[ExI] Rick Warren on religion

Keith Henson hkeithhenson at gmail.com
Mon Dec 10 16:32:17 UTC 2018

On Sun, Dec 9, 2018 at 9:47 AM "Stuart LaForge" <avant at sollegro.com> wrote:


> In so far as the brain is our fastest evolving human organ, having tripled
> in size in the last two million years, I would think that evo-psych would
> be one of our fastest evolving traits.

I can't parse that.  Please try again.


> But religion itself is a moving target that has been evolving alongside
> our capacity for it. Depending on how you define religion, our
> "hunter-gatherer ancestors" may not have actually had religion.

I am not talking about religion, no matter how you want to define it.
I am talking about the human *capacity* to have religions.  It is so
widespread among human populations that, like capture-bonding, it is
nearly universal.  That is an indication that the capacity to have
religions was under serious selection over a long time.  I agree with
you that the capacity to have religions developed long before
religions themselves.  The most serious selection factor in those days
was war between groups of people.

> But on the other hand, if you define religion as the copying of sacred
> rituals from one generation to the next, well that is very old and there
> is likely a genetic component to that. Curiously chimpanzees and elephants
> are known for performing rituals too.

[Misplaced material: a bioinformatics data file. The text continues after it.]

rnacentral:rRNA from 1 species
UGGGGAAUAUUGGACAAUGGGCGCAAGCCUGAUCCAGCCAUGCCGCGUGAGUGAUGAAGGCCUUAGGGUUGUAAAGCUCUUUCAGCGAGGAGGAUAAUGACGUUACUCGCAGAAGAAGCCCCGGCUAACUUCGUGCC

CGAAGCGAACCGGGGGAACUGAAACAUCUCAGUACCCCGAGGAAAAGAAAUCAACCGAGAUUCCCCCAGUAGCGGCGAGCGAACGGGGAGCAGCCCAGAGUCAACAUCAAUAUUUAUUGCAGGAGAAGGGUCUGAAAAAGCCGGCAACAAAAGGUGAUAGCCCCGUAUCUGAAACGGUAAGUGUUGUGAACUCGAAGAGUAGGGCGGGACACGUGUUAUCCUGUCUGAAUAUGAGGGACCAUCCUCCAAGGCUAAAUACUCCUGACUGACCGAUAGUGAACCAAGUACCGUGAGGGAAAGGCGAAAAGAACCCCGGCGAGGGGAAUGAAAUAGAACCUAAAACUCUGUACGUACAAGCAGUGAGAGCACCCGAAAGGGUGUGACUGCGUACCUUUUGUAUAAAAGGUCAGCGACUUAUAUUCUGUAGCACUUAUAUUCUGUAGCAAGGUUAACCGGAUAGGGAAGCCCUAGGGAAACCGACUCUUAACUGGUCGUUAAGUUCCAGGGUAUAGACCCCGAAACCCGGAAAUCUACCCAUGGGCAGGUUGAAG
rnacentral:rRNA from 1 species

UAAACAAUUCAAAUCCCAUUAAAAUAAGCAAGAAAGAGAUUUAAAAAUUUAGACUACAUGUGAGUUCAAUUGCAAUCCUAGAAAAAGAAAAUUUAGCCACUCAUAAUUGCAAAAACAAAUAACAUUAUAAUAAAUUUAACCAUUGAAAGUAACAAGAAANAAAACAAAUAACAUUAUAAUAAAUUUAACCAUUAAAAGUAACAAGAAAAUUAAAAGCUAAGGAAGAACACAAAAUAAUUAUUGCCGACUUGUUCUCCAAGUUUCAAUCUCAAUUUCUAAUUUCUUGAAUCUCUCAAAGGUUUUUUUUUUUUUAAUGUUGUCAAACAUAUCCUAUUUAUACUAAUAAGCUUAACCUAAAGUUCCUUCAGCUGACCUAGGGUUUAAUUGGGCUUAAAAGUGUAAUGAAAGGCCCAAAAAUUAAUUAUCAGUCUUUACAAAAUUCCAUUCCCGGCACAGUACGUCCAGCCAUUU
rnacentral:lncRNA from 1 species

Perhaps you can explain how "performing rituals" or not doing so had a
survival advantage to genes?

> > It seems really unlikely in a hunter-gatherer world long before birth
> > control that religion or anything related to it made any difference in the
> > number of children a woman had. The proximate limit to human populations
> > in those days was war with other humans (top predator argument). The
> > ultimate cause of the limit was the (fluxuating) capacity of the
> > environment to feed them.
> War does not require religion  as attested to by the warring of apes and
> ants but learning how to awaken the fire spirits inside wooden sticks is
> vital for survival and that requires you to trust your elders.

War, even among ants, is episodic.  Bonobos don't fight.  Chimps are
hostile to other groups all time.  Human wars depend on the situation.
I suspect that the mechanism that turns on wars between human groups
is the same underlying psychological mechanisms that are behind our
capacity to have religions.  This speculation will eventually be
tested as the tools get better.

> > But, as I have pointed out in other postings, the model shows that
> > human genes do not profit from war unless the alternative (such as
> > starving) is worse.
> Does the model account for the benefits of genetic out-breeding as a
> result of war?

No.  Do you have a way to put numbers on this benefit?

> > So you would expect genes to get this judgment for "a time for war"
> > correct, and genes that get the tribe into "attack mode" when needed would
> > be positively selected.
> >
> > The major religions where we know something of their historical
> > origins seem to have started as a set of xenophobic memes.
> >
> > I have been thinking about ways to locate the genes and brain
> > structures behind these traits.
> What do you think of Dean Hamer's so-called God gene VMAT2?

>From the Wiki article, support seems weak, but this is the kind of
genetics that would lie behind the capacity to have religions at all.


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